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"Falzon exposes the practical problems encountered by those who use the Bible as a moral compass." -- Star Observer

Australian MPs to ASK whether gay marriage is okay??

Qld MP Teresa Gambaro said she'll be consulting with the public on gay marriageA recent article on Star Observer reported that several Australian MPs will be seeking opinion from their constituents regarding the issue of same-sex marriage. Members from both houses will be speaking to residents, conducting surveys and so on, to discover the 'will of the people.'

Excuse me, but why is a survey necessary to see if a particular minority demographic should be equal in rights to the majority? I think it's fair to state that one of Parliament's core duties is to ensure equality for all Australians. The injustice of restricting from gay couples the mutual and public expression of love that marriage represents is surpassed only by the injustice involved in Parliament thinking that it needs to 'check' with the public to see if it's okay to repeal it.

Edmund Barton, Australia's illustrious first Prime Minister, said once, "The doctrine of equality of man was never intended to apply to the equality of the Englishman and the Chinaman." How much further have we come since Federation?

Not far, it seems. Australian parliamentarians refusing to accept equality of a demographic moved from women in the late-19th Century to the 'Chinaman' in 1901, to the Japanese in 1919, and then onwards to 'native savages.' All of these, of course, are today considered equal, as are the left-handed students from the 50's who were caned by nuns for being possessed by Satan.

But no, let's all move on to gays, now. Let's take all that bigotry that we're no longer allowed to direct at people because of skin-colour, handedness or gender, and channel it with gusto at the poofs.

Let's break this down for a second, to the fundamental act of marriage. Say you're bisexual, and you're dating twins (with their consent, of course). They grew up in the same places, went to the same schools, studied the same subjects at the same university and got the same grades. They also share political and religious views. You're in love with them both, and they with you, but you now want to settle down and get married, so you have to choose one.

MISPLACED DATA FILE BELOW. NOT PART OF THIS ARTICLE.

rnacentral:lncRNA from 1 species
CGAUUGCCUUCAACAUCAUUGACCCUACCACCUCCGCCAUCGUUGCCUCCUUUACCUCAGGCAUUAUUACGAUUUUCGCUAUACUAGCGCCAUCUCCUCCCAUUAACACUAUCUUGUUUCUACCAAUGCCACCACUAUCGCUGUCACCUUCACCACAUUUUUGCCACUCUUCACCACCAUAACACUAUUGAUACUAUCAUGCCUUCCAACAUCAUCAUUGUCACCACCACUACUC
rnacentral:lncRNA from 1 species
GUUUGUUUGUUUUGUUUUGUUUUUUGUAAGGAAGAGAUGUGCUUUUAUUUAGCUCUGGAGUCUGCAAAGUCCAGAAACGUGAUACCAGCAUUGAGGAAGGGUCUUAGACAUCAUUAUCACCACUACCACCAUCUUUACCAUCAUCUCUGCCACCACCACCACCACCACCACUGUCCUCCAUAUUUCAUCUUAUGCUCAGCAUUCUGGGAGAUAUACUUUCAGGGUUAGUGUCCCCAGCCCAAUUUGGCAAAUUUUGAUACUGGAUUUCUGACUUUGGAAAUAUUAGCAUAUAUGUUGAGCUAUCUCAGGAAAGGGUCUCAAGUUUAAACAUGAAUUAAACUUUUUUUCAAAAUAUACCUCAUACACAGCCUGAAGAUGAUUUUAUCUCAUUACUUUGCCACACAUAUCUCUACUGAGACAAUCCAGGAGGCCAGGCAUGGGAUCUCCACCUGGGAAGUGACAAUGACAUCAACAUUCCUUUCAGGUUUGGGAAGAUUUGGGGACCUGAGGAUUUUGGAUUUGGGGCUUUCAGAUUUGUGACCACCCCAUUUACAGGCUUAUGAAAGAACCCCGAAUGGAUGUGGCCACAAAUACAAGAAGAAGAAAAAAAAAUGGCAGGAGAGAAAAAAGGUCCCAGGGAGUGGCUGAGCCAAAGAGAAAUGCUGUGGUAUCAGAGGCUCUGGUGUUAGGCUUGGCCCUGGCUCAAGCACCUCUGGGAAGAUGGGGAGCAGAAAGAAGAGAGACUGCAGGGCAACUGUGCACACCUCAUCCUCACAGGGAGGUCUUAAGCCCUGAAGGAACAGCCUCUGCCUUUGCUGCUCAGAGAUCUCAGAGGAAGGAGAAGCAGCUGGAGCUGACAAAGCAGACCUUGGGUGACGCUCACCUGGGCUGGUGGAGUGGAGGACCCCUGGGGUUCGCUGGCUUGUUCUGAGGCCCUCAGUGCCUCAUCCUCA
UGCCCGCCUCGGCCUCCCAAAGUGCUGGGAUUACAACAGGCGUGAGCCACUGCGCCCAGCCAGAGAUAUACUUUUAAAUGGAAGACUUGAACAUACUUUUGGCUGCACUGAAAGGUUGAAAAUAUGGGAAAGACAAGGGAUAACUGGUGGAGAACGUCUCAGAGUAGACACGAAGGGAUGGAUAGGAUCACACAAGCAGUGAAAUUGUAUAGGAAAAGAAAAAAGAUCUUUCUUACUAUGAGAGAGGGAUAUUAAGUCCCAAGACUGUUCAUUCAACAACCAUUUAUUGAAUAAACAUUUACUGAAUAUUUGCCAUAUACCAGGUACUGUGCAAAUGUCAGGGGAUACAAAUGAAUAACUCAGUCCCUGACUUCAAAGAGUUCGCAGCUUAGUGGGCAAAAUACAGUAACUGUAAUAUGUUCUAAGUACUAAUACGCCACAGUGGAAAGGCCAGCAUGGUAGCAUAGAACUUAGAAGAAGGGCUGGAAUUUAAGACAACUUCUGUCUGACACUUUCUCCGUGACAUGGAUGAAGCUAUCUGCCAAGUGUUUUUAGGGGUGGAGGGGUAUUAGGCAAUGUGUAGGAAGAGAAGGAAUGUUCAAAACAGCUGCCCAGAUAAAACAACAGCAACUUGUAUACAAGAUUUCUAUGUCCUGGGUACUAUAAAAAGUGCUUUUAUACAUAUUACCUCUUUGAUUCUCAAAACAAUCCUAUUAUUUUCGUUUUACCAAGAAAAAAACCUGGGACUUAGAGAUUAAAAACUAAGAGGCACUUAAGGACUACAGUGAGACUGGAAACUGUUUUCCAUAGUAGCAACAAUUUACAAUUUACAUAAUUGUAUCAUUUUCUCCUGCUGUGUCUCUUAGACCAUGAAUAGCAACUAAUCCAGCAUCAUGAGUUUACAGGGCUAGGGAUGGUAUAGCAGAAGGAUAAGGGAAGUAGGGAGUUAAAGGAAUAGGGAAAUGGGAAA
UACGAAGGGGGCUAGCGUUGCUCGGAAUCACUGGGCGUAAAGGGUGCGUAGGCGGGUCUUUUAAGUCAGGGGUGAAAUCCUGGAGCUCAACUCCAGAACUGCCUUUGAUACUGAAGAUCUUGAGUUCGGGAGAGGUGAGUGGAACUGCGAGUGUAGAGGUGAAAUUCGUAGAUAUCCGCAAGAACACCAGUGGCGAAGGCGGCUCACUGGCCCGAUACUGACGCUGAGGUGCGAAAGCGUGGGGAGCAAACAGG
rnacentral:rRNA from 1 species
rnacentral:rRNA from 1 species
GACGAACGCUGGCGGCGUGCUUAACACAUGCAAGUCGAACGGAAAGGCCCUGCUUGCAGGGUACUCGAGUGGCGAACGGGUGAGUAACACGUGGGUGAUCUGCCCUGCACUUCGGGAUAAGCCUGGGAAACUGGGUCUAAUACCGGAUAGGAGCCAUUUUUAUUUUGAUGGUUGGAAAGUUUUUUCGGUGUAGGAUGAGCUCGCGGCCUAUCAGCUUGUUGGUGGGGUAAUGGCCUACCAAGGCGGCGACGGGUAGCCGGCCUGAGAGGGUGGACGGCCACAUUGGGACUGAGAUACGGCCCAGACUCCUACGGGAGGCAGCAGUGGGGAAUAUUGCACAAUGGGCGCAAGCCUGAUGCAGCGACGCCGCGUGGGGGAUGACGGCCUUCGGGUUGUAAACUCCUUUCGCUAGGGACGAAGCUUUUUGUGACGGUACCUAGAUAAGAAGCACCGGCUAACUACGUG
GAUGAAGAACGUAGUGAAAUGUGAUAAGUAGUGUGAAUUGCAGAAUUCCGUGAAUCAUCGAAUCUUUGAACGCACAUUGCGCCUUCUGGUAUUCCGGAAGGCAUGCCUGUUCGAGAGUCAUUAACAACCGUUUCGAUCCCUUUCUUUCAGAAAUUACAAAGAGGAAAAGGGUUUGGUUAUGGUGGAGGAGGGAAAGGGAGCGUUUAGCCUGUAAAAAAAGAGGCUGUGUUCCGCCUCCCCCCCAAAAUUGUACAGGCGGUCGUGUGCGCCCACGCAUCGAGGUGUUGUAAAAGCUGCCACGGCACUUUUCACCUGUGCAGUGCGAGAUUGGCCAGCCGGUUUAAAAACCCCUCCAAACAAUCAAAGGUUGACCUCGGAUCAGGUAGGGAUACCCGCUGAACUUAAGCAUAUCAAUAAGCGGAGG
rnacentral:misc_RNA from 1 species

But they're brother-and-sister. In this case if you're a guy, the brother is not permitted to marry you, but the sister can. If you're a girl, vice versa.

The only variable between them is their gender. Both want to do exactly the same thing (marry you), but the gender of one of them -- and only their gender -- legally prevents them from doing it. This seems to be already covered in the Sex Discrimination Act 1984:

  • Section 22(1)(a) states (inter alia): "It is unlawful for a person who provides goods or services to discriminate against another person on the ground of the other person’s sex by refusing to provide the other person with those goods or services." Would this not include marriage celebrants?
  • Section 26(1) states (inter alia): "It is unlawful for a person who performs any function under a Commonwealth law, or has any responsibility for the conduct of a Commonwealth program, to discriminate against another person, on the ground of the other person’s sex, in the performance of that function or the fulfilment of that responsibility." Would this not include the various state-departments of births, deaths and marriages?

This may sound odd, but this actually isn't about homosexuality. How could it be? A gay man and gay woman can marry each other quite legally. It's merely the unsavoury combination of male-male or female-female coupling that's disallowed. But hang on, it's perfectly legal to have a same-sex relationship, too; you just can't get the certificate.